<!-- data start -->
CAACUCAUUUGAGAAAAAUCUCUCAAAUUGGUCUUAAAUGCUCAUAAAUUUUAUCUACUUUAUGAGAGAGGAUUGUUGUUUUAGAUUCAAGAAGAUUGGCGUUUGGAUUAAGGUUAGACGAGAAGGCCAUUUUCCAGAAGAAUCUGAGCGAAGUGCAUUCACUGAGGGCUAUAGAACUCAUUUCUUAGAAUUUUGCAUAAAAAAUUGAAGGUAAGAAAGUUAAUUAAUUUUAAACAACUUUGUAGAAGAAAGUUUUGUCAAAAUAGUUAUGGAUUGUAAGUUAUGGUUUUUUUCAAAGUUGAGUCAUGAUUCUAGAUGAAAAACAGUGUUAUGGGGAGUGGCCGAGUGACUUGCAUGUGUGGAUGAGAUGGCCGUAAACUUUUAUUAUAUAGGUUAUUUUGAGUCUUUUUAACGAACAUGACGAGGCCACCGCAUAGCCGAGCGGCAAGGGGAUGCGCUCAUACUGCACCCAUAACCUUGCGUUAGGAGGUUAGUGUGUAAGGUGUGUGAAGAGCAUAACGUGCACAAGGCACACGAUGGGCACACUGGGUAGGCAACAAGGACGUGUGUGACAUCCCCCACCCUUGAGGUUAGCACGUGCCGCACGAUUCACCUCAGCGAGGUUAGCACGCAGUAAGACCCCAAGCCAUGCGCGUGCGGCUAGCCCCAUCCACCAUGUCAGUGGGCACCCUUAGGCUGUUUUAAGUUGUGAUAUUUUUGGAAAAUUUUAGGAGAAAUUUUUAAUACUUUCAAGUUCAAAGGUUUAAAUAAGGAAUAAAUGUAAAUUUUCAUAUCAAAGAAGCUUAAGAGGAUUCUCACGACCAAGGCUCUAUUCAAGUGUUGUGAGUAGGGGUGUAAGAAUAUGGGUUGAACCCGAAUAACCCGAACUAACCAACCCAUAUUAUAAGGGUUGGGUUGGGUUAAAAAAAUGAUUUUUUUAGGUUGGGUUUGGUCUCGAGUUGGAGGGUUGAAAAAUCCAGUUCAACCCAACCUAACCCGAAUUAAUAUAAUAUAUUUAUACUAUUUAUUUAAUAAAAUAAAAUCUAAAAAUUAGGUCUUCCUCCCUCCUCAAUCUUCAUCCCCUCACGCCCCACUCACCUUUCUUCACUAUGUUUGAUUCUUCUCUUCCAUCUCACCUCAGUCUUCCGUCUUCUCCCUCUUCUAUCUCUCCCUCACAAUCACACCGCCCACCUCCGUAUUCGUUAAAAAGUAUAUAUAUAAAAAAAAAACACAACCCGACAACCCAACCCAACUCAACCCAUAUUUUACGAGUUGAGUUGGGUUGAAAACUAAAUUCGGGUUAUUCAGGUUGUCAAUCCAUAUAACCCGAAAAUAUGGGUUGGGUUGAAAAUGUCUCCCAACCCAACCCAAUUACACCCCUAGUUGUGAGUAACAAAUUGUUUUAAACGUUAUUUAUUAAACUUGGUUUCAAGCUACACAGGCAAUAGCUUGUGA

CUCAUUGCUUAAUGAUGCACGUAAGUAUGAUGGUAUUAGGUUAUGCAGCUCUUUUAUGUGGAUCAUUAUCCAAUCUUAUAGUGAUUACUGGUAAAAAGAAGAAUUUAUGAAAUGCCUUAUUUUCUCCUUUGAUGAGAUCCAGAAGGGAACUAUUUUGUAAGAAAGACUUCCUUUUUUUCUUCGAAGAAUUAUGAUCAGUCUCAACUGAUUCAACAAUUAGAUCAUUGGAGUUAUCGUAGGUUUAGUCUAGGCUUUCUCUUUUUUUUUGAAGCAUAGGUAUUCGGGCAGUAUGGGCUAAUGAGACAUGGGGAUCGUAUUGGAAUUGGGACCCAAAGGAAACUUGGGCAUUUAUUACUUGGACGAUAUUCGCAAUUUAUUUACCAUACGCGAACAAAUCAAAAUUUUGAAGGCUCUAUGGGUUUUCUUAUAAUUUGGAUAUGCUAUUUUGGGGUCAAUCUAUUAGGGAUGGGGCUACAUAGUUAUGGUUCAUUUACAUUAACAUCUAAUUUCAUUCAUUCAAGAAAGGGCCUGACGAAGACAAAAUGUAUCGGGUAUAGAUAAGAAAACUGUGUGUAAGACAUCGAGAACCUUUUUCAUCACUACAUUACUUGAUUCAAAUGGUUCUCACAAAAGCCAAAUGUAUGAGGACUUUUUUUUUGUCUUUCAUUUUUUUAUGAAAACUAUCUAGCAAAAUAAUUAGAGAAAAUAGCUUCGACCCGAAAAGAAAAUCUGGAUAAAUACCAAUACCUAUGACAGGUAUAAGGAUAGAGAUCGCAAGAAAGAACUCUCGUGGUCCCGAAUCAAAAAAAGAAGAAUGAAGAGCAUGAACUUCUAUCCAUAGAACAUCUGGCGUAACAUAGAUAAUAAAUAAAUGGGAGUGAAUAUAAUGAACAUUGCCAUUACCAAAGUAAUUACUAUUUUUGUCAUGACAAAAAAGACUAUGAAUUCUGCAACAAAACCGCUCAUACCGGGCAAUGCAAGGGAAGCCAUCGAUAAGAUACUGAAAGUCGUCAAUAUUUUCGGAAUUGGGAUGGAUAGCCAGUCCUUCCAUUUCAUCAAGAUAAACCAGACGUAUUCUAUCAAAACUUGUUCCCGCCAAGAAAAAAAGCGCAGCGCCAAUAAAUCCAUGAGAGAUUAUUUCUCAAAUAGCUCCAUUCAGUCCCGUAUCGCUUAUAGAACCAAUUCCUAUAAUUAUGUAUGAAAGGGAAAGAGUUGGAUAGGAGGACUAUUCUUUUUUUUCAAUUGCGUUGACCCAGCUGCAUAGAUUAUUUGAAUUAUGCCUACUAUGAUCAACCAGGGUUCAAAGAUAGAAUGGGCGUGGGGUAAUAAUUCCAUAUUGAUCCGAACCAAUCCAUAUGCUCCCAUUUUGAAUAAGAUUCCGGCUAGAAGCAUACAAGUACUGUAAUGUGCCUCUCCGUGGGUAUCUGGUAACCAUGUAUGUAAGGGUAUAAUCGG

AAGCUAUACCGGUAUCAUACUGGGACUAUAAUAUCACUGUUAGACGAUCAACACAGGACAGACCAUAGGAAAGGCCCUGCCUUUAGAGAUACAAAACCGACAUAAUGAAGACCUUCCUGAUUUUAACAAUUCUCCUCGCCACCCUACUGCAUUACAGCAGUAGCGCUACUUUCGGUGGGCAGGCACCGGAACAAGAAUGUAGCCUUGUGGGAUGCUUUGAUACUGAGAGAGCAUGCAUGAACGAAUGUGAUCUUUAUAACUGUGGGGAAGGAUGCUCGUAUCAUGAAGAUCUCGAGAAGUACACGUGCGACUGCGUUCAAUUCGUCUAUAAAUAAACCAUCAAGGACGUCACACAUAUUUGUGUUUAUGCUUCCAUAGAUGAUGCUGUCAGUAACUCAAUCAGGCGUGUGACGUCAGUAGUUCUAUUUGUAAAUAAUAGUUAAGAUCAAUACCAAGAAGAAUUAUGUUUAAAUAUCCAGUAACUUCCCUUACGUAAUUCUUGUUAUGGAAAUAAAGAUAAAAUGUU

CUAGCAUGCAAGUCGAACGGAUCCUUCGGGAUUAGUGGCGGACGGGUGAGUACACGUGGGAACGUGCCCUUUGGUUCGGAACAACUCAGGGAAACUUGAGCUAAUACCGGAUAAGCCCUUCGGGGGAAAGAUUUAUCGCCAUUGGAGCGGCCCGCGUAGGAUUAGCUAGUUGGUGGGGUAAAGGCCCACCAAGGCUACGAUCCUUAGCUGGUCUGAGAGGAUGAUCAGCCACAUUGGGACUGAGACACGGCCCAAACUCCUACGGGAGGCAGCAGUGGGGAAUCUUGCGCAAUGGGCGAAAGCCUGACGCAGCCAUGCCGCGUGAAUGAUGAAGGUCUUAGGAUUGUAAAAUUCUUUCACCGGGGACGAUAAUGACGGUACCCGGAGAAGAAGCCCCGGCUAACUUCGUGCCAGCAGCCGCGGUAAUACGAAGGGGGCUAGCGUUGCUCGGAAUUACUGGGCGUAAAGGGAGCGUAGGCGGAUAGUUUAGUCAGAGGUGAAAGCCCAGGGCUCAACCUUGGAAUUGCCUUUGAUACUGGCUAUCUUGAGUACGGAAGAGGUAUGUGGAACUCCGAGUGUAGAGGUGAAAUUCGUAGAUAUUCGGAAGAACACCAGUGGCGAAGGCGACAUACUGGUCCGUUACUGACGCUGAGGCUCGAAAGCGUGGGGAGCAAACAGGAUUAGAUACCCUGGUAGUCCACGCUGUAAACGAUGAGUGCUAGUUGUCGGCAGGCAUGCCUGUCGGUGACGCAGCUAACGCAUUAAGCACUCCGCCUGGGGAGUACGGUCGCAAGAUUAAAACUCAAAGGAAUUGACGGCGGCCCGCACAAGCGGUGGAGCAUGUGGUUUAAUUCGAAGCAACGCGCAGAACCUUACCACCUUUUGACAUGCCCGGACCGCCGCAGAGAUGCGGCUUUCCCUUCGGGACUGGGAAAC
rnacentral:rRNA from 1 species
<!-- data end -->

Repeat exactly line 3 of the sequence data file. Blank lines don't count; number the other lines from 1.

AAGCUAUACCGGUAUCAUACUGGGACUAUAAUAUCACUGUUAGACGAUCAACACAGGACAGACCAUAGGAAAGGCCCUGCCUUUAGAGAUACAAAACCGACAUAAUGAAGACCUUCCUGAUUUUAACAAUUCUCCUCGCCACCCUACUGCAUUACAGCAGUAGCGCUACUUUCGGUGGGCAGGCACCGGAACAAGAAUGUAGCCUUGUGGGAUGCUUUGAUACUGAGAGAGCAUGCAUGAACGAAUGUGAUCUUUAUAACUGUGGGGAAGGAUGCUCGUAUCAUGAAGAUCUCGAGAAGUACACGUGCGACUGCGUUCAAUUCGUCUAUAAAUAAACCAUCAAGGACGUCACACAUAUUUGUGUUUAUGCUUCCAUAGAUGAUGCUGUCAGUAACUCAAUCAGGCGUGUGACGUCAGUAGUUCUAUUUGUAAAUAAUAGUUAAGAUCAAUACCAAGAAGAAUUAUGUUUAAAUAUCCAGUAACUUCCCUUACGUAAUUCUUGUUAUGGAAAUAAAGAUAAAAUGUU